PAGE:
The move to Beaminster in November 1919, meant some changes for Grandad Beck, as Police Superintendent, I wrote about some of these here. Blandford had more military personal unlike Beaminster, Bridport and Lyme Regis which were more rural. Blandford Camp was a depot for the Royal Naval Division until 1918 when it became an intake camp for the newly reformed Royal Air Force. During 1919 there were several motor related court cases at the Blandford Petty sessions, I have written about two which involved RAF drivers. To give a flavour of life in 1919, the year after the end of World War One, I have included a summary of some of the other cases before Blandford Magistrates. First is a sad case of the death of a young girl that was killed in a motor accident.
I wrote about the Standing Committee as they debated the police budget during a recession. Dorset Police Pay and Promotion during the Great Depression. In this post I looked several other issue that had been reported in the Western Gazette during the first half of the 1930s.
The Home Office wanted the police to have telephones in all police houses, to facilitate communication within the force and with the public. But the Dorset Standing Committee didn’t agree, partly on cost and partly because they considered it unnecessary in a rural area. This was discussed many times over the years.
The Dorset force was more compliant when the Home Office instigated motor patrols around the country to, among other duties, rigorously monitor the speed of motor vehicles. Dorset started with motorbikes before buying cars. Superintendents provided their own motorcars and were given an allowance for the use their cars for police duties. From the list given in 1933 Grandad Beck was the only one who didn’t own a car.
Improvements to both Bridport and Beaminster police stations were considered necessary. A new police station was considered for Beaminster which caused Beaminster people to be concerned that they would no longer have a local Justice court. After much discussion it was decided to keep the station in Prout Hill – now the youth centre.
“Appalling dangerous driving on the roads” Grandad Beck was quoted as saying by the Bridport News in 1935. In 1930 over 7,300 people were killed on the roads, compared with 1,700 in 2013. After the invention of motor engine the variety of road users increased as never before. The pedestrians, horses and horse drawn vehicles, and from the late Ninetieth century bicycles where joined by many forms of motorised vehicles. By 1930 there were approximately one million private cars in Britain.
The cases I have chosen to write about include some of the variety of road users. The first involve a Pony and cart in Bridport where the passengers landed on the pavement when they had a collision with a charabanc, a lovely name for a bus or coach. Cyclists also had to share the road with motor vehicles and these amounted to nearly 50% of traffic (see Traffic Regulated by Automatic Signals) and I have written about one of the many accidents between cars and cyclists.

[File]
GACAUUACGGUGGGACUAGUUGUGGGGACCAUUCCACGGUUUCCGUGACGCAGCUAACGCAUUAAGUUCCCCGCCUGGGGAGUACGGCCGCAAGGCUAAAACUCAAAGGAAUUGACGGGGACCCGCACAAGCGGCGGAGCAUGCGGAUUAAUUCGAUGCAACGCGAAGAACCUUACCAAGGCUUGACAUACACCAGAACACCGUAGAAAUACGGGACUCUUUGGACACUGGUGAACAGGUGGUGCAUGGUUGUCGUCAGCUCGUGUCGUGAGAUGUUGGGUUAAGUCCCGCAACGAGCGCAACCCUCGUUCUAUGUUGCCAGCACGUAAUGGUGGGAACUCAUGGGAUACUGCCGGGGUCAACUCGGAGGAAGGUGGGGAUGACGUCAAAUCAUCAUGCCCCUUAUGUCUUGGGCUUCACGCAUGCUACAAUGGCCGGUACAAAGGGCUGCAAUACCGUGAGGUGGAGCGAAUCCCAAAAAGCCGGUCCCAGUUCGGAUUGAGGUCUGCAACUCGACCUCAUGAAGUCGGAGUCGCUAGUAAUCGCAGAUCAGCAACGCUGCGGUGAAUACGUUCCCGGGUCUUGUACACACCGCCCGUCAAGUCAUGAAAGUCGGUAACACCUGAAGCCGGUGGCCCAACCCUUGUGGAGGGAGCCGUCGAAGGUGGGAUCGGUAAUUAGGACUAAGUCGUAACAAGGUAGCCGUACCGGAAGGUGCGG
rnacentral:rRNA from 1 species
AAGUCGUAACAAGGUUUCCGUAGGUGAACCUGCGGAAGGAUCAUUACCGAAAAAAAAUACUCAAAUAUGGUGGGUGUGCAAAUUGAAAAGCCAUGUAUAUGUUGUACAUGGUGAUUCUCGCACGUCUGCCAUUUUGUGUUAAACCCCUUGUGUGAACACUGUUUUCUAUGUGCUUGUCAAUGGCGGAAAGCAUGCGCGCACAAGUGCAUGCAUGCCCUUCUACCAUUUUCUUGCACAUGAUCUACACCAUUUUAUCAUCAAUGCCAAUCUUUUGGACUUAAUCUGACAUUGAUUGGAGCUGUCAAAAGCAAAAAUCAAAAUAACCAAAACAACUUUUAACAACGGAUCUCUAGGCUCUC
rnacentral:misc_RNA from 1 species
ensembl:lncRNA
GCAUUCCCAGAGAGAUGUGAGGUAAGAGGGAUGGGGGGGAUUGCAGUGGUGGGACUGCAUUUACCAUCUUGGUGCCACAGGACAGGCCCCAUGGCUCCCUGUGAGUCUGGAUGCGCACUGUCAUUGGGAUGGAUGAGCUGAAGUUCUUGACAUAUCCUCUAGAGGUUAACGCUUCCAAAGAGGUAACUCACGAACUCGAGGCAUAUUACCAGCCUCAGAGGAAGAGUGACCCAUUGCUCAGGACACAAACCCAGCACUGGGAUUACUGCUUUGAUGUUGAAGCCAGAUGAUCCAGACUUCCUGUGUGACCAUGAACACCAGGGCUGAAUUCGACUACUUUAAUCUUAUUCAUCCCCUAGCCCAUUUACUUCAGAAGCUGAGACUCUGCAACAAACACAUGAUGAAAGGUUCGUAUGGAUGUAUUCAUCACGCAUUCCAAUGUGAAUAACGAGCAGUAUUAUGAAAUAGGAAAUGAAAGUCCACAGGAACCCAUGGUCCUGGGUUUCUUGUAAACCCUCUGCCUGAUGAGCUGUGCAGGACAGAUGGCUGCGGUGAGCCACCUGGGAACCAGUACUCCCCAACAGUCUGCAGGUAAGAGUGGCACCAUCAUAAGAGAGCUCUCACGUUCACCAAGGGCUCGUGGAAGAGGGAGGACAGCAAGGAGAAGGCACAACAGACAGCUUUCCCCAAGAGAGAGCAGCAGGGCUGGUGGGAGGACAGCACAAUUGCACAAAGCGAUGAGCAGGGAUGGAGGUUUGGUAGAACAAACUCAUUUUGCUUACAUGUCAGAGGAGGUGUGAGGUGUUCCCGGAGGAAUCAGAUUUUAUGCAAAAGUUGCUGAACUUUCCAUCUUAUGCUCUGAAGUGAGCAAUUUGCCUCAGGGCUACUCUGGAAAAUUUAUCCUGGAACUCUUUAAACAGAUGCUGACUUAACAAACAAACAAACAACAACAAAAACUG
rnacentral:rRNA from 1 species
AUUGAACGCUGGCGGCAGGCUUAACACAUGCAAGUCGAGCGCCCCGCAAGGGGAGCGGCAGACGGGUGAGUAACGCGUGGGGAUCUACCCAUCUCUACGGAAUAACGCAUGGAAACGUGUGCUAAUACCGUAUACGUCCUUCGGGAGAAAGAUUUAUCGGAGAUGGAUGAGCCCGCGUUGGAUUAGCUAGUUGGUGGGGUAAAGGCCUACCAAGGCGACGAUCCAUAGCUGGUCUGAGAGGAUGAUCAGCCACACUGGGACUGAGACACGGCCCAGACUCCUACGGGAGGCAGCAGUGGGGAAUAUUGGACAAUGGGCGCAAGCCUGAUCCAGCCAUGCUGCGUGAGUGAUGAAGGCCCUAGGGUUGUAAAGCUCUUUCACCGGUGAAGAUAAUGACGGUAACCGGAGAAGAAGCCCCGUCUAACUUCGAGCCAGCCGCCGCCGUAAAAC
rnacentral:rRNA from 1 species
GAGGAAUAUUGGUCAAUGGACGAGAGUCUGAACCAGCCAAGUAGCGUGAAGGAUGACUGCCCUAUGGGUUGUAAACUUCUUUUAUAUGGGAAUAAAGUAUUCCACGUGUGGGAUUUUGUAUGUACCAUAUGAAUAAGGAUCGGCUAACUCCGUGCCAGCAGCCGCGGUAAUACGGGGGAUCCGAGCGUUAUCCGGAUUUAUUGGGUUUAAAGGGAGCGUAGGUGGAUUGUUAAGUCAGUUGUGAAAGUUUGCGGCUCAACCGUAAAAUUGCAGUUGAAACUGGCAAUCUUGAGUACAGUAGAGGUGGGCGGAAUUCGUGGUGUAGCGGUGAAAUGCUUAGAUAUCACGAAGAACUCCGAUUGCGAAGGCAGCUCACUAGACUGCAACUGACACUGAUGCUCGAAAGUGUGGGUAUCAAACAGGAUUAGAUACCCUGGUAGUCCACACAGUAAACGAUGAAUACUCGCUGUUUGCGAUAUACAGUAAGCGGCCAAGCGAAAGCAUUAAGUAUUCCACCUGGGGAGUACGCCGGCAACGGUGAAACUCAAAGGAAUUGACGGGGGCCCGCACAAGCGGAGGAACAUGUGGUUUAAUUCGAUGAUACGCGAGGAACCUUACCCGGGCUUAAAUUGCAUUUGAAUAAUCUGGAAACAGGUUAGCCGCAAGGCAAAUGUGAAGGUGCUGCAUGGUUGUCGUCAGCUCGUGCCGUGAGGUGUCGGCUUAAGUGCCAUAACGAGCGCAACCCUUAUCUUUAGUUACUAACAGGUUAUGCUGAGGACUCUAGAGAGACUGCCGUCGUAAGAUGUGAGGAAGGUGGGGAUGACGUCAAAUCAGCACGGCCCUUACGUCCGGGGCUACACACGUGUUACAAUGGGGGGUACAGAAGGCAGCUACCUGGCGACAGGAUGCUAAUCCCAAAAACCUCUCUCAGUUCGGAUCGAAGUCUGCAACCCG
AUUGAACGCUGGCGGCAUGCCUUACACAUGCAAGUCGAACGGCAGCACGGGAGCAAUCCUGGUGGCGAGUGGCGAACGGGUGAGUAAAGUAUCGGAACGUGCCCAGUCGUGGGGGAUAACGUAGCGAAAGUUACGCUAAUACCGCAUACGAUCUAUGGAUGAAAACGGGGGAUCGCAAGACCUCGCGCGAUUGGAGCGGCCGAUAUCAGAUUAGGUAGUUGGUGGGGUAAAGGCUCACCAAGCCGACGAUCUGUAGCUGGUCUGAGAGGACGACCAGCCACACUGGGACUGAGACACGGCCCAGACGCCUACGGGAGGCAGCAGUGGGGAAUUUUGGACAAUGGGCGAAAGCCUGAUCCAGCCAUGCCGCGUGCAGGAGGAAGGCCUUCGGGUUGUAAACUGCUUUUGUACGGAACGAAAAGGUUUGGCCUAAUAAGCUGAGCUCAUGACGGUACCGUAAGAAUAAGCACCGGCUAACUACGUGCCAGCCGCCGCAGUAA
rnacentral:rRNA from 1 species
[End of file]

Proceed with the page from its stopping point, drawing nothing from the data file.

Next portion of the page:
One case in the Bridport News stood out for me because it gave me more information about my Great, Grandfather.
In October 1933 Grandad Beck was himself involved in a car accident as a passenger in a taxi. While giving evidence Grandad Beck said He had travelled thousands of miles with Foot (the taxi driver). Thousands, that sounds a lot, was he exaggerating or the Bridport News. I started to consider whether Grandad Beck had a car and drove. From newspaper reports of the Police Standing Committee I knew that some of the Dorset Superintendents received allowances for the use of their own cars on police business. Supt. Beck was not mentioned, therefore I can assume that he didn’t have a car. When I asked my father he said, “Grandad didn’t drive and always used a taxi”. When Grandad Beck visited Wytherston (our farm near Powerstock) he always came with the same taxi driver. Continue reading “What Speed is that Motor Vehicle Doing?”
“All this appalling dangerous driving on the roads”, was Grandad Beck’s view of the standard of driving in 1935. One dangerous place was the junction of South, West and East street at the town hall Bridport. For those that don’t know the town, coming from South Street, there is very little visibility to see the traffic coming from the West. Also traffic turning into South Street from East Street had to take the sharp corner wide to get around, as you can see from the first photograph. I can remember the traffic lights not working, turning right into East Street from South Street was scary and difficult to know if there would be any other vehicles coming towards me. Bridport Borough Council had been asking for “road traffic signal lights”, at the junction for a while. Bridport’s automatic traffic signals were officially opened at 12 noon on Saturday, 4th May 1935, by the Mayor (Councillor W. S. B. Northover) who set the system in operation by turning a key in the “station” under the Town Hall colonade. The Mayor was accompanied by his Deputy (Councillor S. J. Gale) and Councillor F. S. Cornick (Chairman of the Town Council Highways Committee). After this there were numerous drivers coming up before the Borough Police court and in the first few months Grandad Beck was prosecuting.